Iron Ore Prices Expected to Drop Below $40 Per Ton in 2015
The good times for iron-ore are all but gone.
Prices for the steel-making ingredient fell to under $50 per ton on Thursday, plunging deeper into uncharted, and unwanted, territory.
The ongoing slowdown in consumption in China has caused iron ore to fall to its lowest level in a decade at $46.70 a ton, according to Steel Index. Many analysts believe China’s weakening appetite for the metal coupled with lower energy prices means iron ore will continue to decline in 2015.
Deutsche Bank AG said in a report global consumption will shrink this year for the first time since 2009, and foresees prices for iron ore to drop below $40 a ton as producers’ costs ease.
“The price can carry on going lower,” possible hitting US$40 a ton, said John Meyer, an analyst at SP Angel, a London mining broker.
According to IHS Material Price Index chief economist Nariman Behravesh, commodity prices will slide by a further 10 percent on average in 2015.
“A combination of feeble global demand growth and strong supply growth is to blame. China remains key to the demand-side story,” said Mr Behravesh. “Any further softening of growth will likely translate into another round of price declines. Unfortunately, if the Chinese government chooses to boost growth by encouraging investment to expand industrial capacity, this could exacerbate the excess-supply conditions in sectors such as steel and chemicals.”
China isn’t the only one to blame for declining prices. The world’s largest miners – BHP Billiton, Rio Tinto and Vale – continue to flood the market with supply as they desperately race to gain market and cut costs. Rio Tinto now claims it is producing ore in the Pilbara mines of West Australia for as little as $17 per ton.
“The three major iron ore producers are steadily scaling up their production and thus their supply on the seaborne market and thereby crowding less competitive suppliers out of the market,” said Commerzbank yesterday.
“The resulting production cuts and shutdowns are not sufficient to absorb the additional supply, however. Producers in China in particular are no longer profitable. Mine closures there will thus mean that China will increasingly have to import iron ore, though this will hardly help the price in the present environment. The current momentum points to even lower iron ore prices in the short term.”
Andrew Forrest, founder of Fortescue Metals Group has been the most vocal critic of the miner’s strategy to boost production and squeeze out weaker operations that produce iron ore at higher costs.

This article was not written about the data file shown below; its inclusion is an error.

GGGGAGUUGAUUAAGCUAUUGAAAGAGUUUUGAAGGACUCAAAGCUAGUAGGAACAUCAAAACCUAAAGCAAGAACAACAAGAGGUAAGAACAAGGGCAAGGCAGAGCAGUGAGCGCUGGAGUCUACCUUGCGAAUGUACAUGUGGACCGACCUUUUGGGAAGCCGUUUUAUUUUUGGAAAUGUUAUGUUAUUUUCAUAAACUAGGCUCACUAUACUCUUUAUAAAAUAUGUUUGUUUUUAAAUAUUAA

"Rio is competing with BHP to smash global investment returns for their shareholders as well as tax and royalty receipts for the federal and state governments," said Forrest. "Their statements that they will expand at any price drives down that price in their endeavor to drive everyone else out of business.
"When has market share strategy over shareholder returns ever helped a company? What BHP and Rio are doing is buying – at massive cost – expansion capacity even when the higher commodity price justification for such investment has evaporated. It's as though they are stuck in a time warp, unable to move with the changed circumstances. Over time, it will be seen for what it is – egos before commonsense."
In the end, commodity forecasters say the price of iron-ore will only get worse before it improves. Prepare for a bumpy ride in 2015.
Global iron ore production to recover by 5.1% in 2021
Global iron ore production fell by 3% to 2.2bnt in 2020. Global production is expected to grow at a compound annual growth rate (CAGR) of 3.7% to 2,663.4Mt between 2021 to 2025. The key contributors to this grow will be Brazil (6.2%), South Africa (4.1%), Australia (3.2%) and India (2.9%). Key upcoming projects expected to commence operations include South Flank in Australia (2021), Zulti in South Africa (H2 2021), Serrote Da Laje in Brazil (H2 2021) and Gudai-Darri (2022), according to GlobalData, a leading data and analytics company.
Vinneth Bajaj, Associate Project Manager at GlobalData, comments: “Declines from Brazil and India were major contributors to the reduced output in 2020. Combined production from these two countries fell from a collective 638.2Mt in 2019 to an estimated 591.1Mt in 2020. The reduced output from the iron ore giant, Vale, was the key factor behind Brazil’s reduced output, while delays in the auctioning of mines in Odisha affected India’s output in 2020.
“Miners in Australia were relatively unaffected by COVID-19 due to effective measures adopted by the Australian Government, while a speedy recovery in China led to a significant 10.4% increase in the country’s iron ore output.”
Looking ahead, the global iron ore production is expected to increase by 111.3Mt to 2,302.5Mt in 2021. Rio Tinto is expected to produce up to 340Mt of iron ore, while BHP has released production guidance of 245–255Mt, supported by the start of the Samarco project in December, which is expected to produce between 1–2Mt.The company has retained its guidance for Australian mines at 276–286Mt on a 100% basis, due to scheduled maintenance work at its ore handling plant and tie-in activity at the Area C mine and South-Flank mine.
Bajaj added: “The remaining companies are expected to produce more than 600Mt of iron ore, including FMG, whose production is expected to range between 175–180Mt supported by its Eliwana mine that commenced operations in late December 2020, and Anglo American, which is expecting to produce between 64–67Mt. Vale is expected to resume 40Mt of its production capacity, taking its overall production capacity to 350Mt in 2021, with production guidance of 315-335Mt.”